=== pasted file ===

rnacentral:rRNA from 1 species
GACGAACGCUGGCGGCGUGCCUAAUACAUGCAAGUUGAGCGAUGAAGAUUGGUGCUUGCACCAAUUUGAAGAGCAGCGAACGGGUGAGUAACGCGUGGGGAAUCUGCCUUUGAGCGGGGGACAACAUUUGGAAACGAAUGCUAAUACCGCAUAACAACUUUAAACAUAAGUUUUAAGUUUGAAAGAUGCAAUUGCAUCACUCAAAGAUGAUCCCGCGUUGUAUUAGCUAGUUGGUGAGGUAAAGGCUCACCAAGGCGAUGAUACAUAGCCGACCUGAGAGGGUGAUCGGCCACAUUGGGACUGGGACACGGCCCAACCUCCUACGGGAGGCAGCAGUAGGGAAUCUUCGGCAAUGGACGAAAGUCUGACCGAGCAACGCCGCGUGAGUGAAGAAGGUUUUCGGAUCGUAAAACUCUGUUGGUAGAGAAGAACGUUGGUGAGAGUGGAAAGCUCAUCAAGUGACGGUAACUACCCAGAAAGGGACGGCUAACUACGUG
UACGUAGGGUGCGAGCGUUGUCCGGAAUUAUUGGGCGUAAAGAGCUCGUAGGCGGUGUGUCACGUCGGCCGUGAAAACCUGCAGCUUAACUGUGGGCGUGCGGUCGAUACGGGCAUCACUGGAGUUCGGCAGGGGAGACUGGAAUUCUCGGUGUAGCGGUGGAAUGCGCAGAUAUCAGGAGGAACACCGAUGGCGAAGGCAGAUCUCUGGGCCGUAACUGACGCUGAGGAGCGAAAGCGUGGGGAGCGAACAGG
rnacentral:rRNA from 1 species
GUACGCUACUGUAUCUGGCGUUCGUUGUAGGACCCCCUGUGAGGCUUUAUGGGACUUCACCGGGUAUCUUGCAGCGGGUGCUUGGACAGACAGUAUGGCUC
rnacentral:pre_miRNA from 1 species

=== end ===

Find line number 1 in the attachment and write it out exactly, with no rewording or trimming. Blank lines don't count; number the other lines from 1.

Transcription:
rnacentral:rRNA from 1 species